Texas Expands Restrictive Medical Pot Program To Combat Opioid Epidemic

Texas is broadening its restrictive medical cannabis program to include patients fighting chronic pain, the Houston Chronicle reports, in addition to expanding approved THC dosing limits from one percent to 10mg. While that may seem shockingly low to medical patients in states with more liberal cannabis laws, currently, Texas’s medical marijuana law is CBD-only, as it allows for only one percent of THC. The new law, which goes into effect on September 1, 2023, might not win the Lone Star state stoner points, but at the least, it’s a step in the right direction. The original bill tried to cap the prescribed THC dose to 5mg but then amended the bill to a volumetric dose limit of 10 milligrams.

Legal adult-use cannabis in Texas is non-existent, so forget about strolling into a dispensary to grab some dabs anytime soon. The state’s Compassionate-Use Program, or CUP, was initially passed in 2015, limiting medical use of less-than-one-percent cannabis to intractable epilepsy. The list of qualifying conditions was expanded in 2019 and again in 2021 by the Texas Legislature to include autism, cancer, multiple sclerosis, post-traumatic stress disorder, multiple sclerosis, and several others

Now, Texas lawmakers drafted a bill that adds “a condition that causes chronic pain, for which a physician would otherwise prescribe an opioid” to the list. According to the CDC, 1 in 5 Americans lives with chronic pain. Per the newly passed Texas bill, the Department of State Health Services will be allowed to specify which “debilitating medical conditions” qualify for the program.

The bill, HB 1805l, was written by Republican Rep. Stephanie Klick and was approved by the House Public Health Committee with a 10-0 vote Monday, March 20. The passage of HB 1805l comes after further momentum from lawmakers in the state. Earlier in March, Texas lawmakers held a hearing on House Bill 218 from Democrat Rep. Joe Moody that, if passed, would lower the penalties for possession of cannabis and cannabis concentrates.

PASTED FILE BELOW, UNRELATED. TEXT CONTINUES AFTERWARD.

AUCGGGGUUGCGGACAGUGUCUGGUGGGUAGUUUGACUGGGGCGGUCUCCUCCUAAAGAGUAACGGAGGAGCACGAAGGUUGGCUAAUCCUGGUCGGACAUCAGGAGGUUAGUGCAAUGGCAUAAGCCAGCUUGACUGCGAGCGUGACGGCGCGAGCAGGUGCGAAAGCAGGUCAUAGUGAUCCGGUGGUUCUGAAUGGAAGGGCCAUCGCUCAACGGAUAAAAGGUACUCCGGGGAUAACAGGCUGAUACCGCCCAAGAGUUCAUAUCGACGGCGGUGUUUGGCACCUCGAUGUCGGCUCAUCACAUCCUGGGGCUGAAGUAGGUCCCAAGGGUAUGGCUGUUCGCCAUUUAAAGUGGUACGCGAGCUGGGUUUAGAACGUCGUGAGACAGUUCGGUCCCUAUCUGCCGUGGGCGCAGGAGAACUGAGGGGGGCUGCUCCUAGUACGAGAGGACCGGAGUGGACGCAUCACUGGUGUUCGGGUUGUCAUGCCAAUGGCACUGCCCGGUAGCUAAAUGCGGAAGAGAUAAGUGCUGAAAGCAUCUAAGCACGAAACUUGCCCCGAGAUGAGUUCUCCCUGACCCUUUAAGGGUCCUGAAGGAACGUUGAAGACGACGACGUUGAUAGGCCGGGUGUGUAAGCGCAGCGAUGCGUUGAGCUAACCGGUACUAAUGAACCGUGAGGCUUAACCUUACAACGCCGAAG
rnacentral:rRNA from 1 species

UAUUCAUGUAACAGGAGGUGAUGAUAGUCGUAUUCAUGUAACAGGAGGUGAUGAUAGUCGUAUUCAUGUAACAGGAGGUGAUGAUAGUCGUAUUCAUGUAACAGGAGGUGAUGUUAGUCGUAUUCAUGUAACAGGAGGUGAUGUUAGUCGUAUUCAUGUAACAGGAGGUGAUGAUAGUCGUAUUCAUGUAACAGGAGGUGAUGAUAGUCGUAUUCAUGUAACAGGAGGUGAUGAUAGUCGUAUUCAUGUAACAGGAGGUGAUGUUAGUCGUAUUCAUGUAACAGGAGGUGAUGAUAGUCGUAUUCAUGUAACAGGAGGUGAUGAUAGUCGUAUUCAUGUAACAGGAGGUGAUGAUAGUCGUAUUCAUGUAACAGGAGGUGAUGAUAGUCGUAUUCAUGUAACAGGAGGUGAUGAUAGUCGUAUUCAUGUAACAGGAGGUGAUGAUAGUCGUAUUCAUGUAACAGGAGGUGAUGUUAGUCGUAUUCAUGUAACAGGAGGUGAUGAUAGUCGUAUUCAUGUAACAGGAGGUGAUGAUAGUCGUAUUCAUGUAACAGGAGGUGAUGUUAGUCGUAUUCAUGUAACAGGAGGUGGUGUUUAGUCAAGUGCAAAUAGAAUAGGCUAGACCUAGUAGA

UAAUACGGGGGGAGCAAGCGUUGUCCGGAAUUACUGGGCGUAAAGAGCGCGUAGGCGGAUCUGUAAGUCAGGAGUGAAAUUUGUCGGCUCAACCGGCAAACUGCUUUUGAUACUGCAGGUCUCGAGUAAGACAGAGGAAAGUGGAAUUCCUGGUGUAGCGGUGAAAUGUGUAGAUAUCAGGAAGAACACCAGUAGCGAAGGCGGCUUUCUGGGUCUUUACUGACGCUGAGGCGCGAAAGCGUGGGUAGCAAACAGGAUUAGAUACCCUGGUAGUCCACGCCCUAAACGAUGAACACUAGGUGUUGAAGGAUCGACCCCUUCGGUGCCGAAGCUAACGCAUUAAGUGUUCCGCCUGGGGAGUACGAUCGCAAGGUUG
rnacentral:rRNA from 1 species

While Texas cannabis laws, in accordance with their other social policies, such as reproductive rights, are still highly regressive, this new bill does show that Texas is aware of the grave issue of opioid addiction and seeks to tackle it from a harm reduction perspective, by allowing chronic pain patients cannabis. According to the National Institutes of Health, more than 106,000 persons in the U.S. died from a drug-involved overdose in 2021, including illicit drugs and prescription opioids. According to The Texas Workforce Commission, there was an 80% increase in synthetic opioid-related deaths reported in Texas in 2021 compared to 2020. In addition, as Benzinga points out, a recent study shows that direct payments from opioid manufacturers to physicians have significantly decreased following the legalization of medical cannabis. And, as a reminder, even the DEA states that no deaths from cannabis overdose have occurred. While recreational cannabis is illegal in Texas, you can pick up some nasty (and fatal) synthetic THC options if you need a deadly reminder of the hypocrisy of strict marijuana laws. 

While the cannabis laws in Texas are highly restricted, they do not necessarily match the state’s citizens’ views on the plant. According to a study at the University of Houston, which conducted an online survey of 1,200 Texan adults 18 and older, 4 out of 5 adults said they would support an expanded medical marijuana program. Those surveyed also said they favor decriminalizing marijuana possession, and additionally, two-thirds of them said they would support legalizing recreational adult use. So, while the newly passed bill is a win for chronic pain patients, the state’s lawmakers have much work ahead of them if they wish to address their voter’s needs accurately.   

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